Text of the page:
Cocoa & Heart Website


        • #5
          I couldn't agree more with the sentiment that craft fairs should be just that - handmade crafts with no bought in or imported goods, and there are plenty of handmade fairs around, but it takes some time looking through the rest to find the gems!

          I do have to disagree with your comment on the organiser making that amount of money 'for just one days work' - seriously, do you really, honestly think that it takes only 1 day to organise a craft fair?? A good fair can take months to organise. I've just counted up the hours I've spent this year on the fair I ran last Sunday - it was in excess of 200 hours, and that's probably being a bit stingy. If I took a profit of £600 out of the fair, divided by 250 hours, I'm taking £3.00 an hour. If you think that's a fair wage for someone who take all of the financial risk for the event, books & pays for the venue, leaflets, advertising etc upfront, finds stallholders, chases stallholders for payment when their cheques bounce, deals with abuse from some of those stallholders, spends days pushing leaflets through doors, putting posters up and more, than I'll happily give you a job!

          Why oh why do people resent craft fair organisers making any profit at all from their fairs - as an organiser I really really want all of my stallholders to have a profitable day, yet it seems entirely unacceptable to the majority of crafters that I should do anything other than just about break even on venue costs.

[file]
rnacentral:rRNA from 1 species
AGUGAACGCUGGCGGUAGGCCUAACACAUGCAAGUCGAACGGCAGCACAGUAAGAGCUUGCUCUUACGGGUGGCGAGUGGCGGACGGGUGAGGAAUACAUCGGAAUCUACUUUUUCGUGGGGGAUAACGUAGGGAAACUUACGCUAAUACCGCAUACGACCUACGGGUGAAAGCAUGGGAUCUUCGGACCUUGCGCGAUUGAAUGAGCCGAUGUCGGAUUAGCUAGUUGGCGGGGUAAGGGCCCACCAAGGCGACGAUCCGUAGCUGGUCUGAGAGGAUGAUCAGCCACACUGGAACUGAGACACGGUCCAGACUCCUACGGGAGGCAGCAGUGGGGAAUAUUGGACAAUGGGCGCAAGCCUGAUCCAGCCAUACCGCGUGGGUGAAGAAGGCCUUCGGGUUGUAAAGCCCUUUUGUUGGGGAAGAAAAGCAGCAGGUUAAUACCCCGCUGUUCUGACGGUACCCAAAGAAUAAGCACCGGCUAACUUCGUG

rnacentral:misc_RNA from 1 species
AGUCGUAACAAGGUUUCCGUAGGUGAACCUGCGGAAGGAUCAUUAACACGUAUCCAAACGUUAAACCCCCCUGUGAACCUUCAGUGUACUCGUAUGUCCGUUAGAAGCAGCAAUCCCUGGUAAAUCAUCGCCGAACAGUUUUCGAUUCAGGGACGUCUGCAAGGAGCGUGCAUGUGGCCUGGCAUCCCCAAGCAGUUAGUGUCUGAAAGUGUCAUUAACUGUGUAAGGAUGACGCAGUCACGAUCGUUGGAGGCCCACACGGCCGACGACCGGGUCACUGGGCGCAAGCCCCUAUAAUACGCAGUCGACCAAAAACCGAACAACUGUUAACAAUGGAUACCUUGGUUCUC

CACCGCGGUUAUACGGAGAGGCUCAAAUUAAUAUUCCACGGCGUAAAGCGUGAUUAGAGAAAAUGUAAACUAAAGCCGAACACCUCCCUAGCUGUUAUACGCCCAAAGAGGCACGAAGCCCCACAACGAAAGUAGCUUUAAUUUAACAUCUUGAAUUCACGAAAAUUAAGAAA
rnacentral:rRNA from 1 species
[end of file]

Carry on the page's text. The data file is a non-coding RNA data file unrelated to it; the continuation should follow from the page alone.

Facebook Pages:


          • #6
            Hear, hear. Well said.
            Annie and Lyn


            • #7
              I think Fretnot is referring not to the organisers who do exactly that 'organise' but the fly by nights. The ones who take extortionate amounts of money from stallholders, turn up 3/4 of an hour before opening time with no table plan (or any sort of plan come to that), have only 'advertised' the event on Facebook (not somewhere I would look for a craft fair to attend), with no signs at all outside the venue on the day let alone in advance, tables crammed in so tight that stallholders cannot stand or pack boxes behind the table, poor lighting etc etc etc. In short, organisers who have probably never been to a craft fair.